The question that seems to be a deal killer, no matter what type of product you are building, is the market sizing one. It comes in various formats:
- “What is the size of the market?”
- “How big can this get?”
- “What are the growth prospects?”
Among others, is a key question that often turns off potential investors. Especially if you can’t answer it “correctly”. A nice post by Bryce Roberts titled “You can never size a market in Excel“tackles this pesky problem entrepreneurs face and gives sound advice:
“An investor’s instinct around something as fundamental as whether your business can reach the scale needed for venture capital returns is one that won’t be found scouring the latest market forecasts from Forester or Goldman Sachs. It won’t be found in endless meetings and it won’t be found in detailed financial forecasts or market sizing exercises.
It will be found in the connection an investor makes to you, your product and your vision. Either they will believe it or they won’t.”
It is a refreshing view on the question of market sizing. And also tells you a bit about how to assess whether the investor in question will be really a good match with your startup.
Check out the full article here.
Max Shapiro from People Connect Staffing turned me on to this great video of a recent gathering of Angels and VCs titled “How to Select Your Angels“, from a Total Access session sponsored by Orrick.
The panelists were Jeff Clavier, Jared Hansen, Rob Hayes, Mitchell Kapor, and Naval Ravikant and moderated by Larry Kane.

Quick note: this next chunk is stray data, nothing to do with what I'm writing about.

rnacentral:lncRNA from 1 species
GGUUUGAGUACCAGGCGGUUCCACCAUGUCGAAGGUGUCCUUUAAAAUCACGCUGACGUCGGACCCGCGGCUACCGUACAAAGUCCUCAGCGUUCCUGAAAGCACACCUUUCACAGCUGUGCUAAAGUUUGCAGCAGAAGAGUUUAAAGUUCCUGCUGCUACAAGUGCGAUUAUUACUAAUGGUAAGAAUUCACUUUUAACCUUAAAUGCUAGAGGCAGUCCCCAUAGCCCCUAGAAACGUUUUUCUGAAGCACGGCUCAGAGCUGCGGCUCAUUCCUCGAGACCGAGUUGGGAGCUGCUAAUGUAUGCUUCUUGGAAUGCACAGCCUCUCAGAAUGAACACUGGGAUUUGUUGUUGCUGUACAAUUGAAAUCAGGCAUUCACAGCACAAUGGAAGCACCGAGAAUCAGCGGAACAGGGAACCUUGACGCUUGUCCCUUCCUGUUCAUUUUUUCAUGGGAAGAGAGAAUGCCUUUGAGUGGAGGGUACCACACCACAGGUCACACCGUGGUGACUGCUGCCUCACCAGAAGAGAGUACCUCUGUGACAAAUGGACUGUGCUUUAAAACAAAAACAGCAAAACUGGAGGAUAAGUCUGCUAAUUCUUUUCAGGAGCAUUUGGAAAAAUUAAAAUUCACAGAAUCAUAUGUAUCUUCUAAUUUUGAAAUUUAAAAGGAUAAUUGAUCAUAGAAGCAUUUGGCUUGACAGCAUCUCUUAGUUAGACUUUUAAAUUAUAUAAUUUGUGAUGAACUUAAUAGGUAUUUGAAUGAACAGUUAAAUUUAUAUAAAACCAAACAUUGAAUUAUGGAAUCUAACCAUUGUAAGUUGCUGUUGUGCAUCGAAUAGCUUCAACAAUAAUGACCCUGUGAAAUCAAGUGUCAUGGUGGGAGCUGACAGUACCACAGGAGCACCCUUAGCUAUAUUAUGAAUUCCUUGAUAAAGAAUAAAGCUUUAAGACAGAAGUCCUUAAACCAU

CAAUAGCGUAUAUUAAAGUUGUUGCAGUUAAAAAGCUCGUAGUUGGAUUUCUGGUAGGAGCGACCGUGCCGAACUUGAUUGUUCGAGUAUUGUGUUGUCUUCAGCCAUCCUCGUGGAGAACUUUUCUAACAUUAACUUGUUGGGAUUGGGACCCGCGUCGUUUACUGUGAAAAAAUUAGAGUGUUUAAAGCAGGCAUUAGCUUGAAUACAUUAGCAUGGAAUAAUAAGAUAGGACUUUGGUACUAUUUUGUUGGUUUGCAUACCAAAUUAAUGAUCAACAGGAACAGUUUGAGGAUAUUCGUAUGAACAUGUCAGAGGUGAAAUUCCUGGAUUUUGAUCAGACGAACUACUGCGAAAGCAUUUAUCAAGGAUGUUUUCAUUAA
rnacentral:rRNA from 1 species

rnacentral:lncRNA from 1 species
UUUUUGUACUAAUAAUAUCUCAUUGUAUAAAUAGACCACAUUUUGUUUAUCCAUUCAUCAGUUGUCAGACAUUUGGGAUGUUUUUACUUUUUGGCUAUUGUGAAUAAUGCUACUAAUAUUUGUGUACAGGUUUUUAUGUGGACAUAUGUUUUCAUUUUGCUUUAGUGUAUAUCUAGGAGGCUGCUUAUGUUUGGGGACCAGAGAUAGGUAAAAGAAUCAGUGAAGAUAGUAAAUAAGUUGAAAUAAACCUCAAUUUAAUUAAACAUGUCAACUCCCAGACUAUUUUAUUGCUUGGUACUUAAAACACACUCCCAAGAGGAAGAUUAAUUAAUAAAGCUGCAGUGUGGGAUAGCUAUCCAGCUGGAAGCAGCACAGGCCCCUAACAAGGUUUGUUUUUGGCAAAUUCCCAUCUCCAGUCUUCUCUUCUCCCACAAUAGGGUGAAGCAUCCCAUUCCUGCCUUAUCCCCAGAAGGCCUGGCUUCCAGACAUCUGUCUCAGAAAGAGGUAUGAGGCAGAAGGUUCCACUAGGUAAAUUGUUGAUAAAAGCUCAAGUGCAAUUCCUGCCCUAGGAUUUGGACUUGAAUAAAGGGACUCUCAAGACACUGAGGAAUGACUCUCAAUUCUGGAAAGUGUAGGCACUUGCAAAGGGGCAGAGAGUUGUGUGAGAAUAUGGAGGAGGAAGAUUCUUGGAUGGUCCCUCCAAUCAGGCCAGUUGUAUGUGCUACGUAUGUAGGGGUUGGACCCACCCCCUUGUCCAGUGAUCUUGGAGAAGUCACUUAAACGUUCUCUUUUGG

Here are some key points from the talk:
- The bar for startups is set higher, you need more than an idea to get funding, need to show traction.
- Investors want to see something that actually works, if you have revenue is better.
- What’s your team structure? Investors want to know who’s going to actually do all the work. Make sure you have more “doers” thank “executives” in your team.
- The product that gets funding is almost never the product that ends up winning, so investors are looking for a team that can move in a big enough market, take whatever they started out with, and make it work, become massive.
- You’ve gotta know how customer acquisition, retention, and referral will work for your company. If you don’t, is likely investors may pass (higher risk).
- Naval says “focus on the product, the team, when the time is right the money will show up” and what he means is that the funding process takes time and energy, don’t let that distract you.
- On incubators, they suggest you pick one as if you were choosing the best college. Each incubator has its own culture, find one that fits you.
- A key aspect of getting funded is showing you know where you are, how far you’ve come, and that you know the meaningful milestones you have to reach for your next round of financing.
Click below to watch the video.
Brendan Baker wrote a really nice post on Quora on “How To Hustle With AngelList in 10 Steps“. He talks about:
- Make sure your profile is solid
- Leverage markets
- Leverage your location
- Be visible
- Build your team
- Get their support
- Get them to share your profile
- Expand your team
- Convert and exploit your new supporters
- Reach out to AngelList
Brendan explains that:
“In the last year I’ve seen thousands of startup pitches and coached hundreds of founders while working with the AngelList crew. I’ve also seen how quickly the AngelList platform improves, giving startups new ways to reach investors with every push. This is about using those tools.”